What is radiosurgery?

Stereotactic radiosurgery is a form of radiation therapy that focuses gamma rays or x-rays on a small area of the body. Other types of radiation therapy are more likely to affect nearby healthy tissue. Stereotactic radiosurgery better targets the abnormal area.

It is a medical procedure that allows non-invasive treatment. The initial application of radiosurgery was in treatment of lesions in the brain, a technique also known as stereotactic radiosurgery (SRS). In addition to brain tumours, it has also been shown to be beneficial for the treatment of some non-cancerous conditions, including functional disorders such as arteriovenous malformations (AVMs) and trigeminal neuralgia. Gamma Knife is the most widely used technology for SRS and is considered the gold standard.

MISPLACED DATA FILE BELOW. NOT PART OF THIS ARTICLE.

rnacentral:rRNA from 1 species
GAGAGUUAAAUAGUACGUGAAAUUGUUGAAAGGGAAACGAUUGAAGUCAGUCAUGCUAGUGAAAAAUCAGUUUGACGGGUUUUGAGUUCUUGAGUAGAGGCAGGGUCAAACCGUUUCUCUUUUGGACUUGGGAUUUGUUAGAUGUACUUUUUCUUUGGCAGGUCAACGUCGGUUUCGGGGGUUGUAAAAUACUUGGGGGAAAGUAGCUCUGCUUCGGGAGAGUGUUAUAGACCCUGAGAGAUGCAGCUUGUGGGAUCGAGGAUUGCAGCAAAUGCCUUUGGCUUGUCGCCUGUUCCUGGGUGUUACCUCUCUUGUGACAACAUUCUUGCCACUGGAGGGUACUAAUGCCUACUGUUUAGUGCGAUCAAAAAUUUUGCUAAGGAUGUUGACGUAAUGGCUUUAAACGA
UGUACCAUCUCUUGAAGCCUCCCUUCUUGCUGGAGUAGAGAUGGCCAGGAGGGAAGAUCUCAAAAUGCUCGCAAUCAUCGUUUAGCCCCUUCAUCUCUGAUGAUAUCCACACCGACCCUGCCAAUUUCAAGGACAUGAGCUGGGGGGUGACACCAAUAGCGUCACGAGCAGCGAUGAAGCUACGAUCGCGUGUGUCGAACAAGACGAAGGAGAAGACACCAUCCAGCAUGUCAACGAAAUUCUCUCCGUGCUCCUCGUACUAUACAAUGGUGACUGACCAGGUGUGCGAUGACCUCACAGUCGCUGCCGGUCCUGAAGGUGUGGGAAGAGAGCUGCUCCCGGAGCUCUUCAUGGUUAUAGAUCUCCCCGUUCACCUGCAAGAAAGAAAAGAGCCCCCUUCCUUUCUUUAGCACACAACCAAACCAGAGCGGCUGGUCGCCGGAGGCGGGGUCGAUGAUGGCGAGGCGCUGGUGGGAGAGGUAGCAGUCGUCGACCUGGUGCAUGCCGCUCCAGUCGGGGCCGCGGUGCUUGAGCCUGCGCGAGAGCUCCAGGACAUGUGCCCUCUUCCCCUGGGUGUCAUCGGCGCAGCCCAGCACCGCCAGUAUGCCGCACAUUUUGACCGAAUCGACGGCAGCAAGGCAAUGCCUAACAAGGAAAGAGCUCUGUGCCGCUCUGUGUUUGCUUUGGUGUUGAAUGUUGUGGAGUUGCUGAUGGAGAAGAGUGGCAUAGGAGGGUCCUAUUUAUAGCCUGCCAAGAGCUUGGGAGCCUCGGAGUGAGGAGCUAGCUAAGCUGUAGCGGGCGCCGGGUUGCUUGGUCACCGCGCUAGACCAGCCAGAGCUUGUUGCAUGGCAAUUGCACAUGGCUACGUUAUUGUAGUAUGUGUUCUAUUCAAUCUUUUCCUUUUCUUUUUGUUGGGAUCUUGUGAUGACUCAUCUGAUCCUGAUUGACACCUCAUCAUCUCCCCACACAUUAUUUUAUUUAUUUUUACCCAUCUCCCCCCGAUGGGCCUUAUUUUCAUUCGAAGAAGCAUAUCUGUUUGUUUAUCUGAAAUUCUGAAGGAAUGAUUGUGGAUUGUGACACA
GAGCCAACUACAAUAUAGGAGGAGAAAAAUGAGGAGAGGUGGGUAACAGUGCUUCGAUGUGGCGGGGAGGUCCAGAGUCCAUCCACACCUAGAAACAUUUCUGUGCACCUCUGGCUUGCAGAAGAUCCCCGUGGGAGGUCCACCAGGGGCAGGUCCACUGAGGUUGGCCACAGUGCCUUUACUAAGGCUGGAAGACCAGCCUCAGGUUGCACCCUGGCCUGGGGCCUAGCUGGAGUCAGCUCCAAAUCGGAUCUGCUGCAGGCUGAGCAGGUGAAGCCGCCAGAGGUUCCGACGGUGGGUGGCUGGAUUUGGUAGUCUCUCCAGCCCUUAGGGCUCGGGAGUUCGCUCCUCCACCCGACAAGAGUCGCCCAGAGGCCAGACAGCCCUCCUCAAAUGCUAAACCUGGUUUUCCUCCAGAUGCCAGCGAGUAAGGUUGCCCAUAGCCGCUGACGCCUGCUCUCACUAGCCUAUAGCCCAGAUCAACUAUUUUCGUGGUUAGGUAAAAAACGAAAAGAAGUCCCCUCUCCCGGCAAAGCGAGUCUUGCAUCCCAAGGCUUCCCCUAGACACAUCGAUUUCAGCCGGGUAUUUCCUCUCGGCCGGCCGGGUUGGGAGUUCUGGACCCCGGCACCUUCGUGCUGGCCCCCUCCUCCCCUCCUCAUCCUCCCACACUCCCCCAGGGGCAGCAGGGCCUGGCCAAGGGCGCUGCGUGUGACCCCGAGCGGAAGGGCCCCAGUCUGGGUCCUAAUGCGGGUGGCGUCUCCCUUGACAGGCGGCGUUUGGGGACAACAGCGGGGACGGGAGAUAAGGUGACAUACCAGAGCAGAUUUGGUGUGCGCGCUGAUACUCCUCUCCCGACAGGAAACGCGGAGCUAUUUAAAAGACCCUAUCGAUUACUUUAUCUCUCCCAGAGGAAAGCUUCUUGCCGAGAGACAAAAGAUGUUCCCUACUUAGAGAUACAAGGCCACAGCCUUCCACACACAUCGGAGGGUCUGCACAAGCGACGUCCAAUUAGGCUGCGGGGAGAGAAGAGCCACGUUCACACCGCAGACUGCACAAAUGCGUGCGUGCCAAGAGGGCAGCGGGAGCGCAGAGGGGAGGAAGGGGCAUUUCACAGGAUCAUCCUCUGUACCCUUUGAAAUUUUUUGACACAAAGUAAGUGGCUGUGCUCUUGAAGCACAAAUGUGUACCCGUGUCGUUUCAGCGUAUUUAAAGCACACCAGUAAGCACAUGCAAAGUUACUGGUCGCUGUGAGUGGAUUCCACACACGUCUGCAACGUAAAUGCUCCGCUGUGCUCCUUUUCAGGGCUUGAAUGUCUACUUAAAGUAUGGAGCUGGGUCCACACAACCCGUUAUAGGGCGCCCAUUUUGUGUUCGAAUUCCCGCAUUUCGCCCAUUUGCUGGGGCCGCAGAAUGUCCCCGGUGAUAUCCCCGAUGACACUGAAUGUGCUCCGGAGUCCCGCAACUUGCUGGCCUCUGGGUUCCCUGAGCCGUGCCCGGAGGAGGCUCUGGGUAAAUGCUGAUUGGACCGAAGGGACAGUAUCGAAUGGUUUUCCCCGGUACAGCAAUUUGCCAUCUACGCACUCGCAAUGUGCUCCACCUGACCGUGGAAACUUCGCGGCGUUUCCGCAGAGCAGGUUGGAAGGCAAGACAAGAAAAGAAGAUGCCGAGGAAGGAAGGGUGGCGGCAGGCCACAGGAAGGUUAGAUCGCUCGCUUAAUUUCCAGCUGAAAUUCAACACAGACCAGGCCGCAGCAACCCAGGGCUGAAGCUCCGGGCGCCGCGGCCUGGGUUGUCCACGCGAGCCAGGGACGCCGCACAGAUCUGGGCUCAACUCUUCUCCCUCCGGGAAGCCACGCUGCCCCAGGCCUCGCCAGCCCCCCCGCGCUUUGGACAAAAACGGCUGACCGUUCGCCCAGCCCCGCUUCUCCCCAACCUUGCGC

Radiosurgery is also used for tumours in other parts of the body (extracranially). This is known as Stereotactic Body Radiation Therapy (SBRT) and is a treatment procedure similar to SRS. A stereotactic radiation treatment for the body means that a specially designed coordinate-system is used for the exact localisation of the tumours in the body to deliver a single high dose radiation treatment or a few fractionated radiation treatments (usually up to 5 treatments). A high potent biological dose of radiation is delivered to the tumour, improving the cure rates for the tumour, in a manner previously not achievable by standard conventional radiation therapy.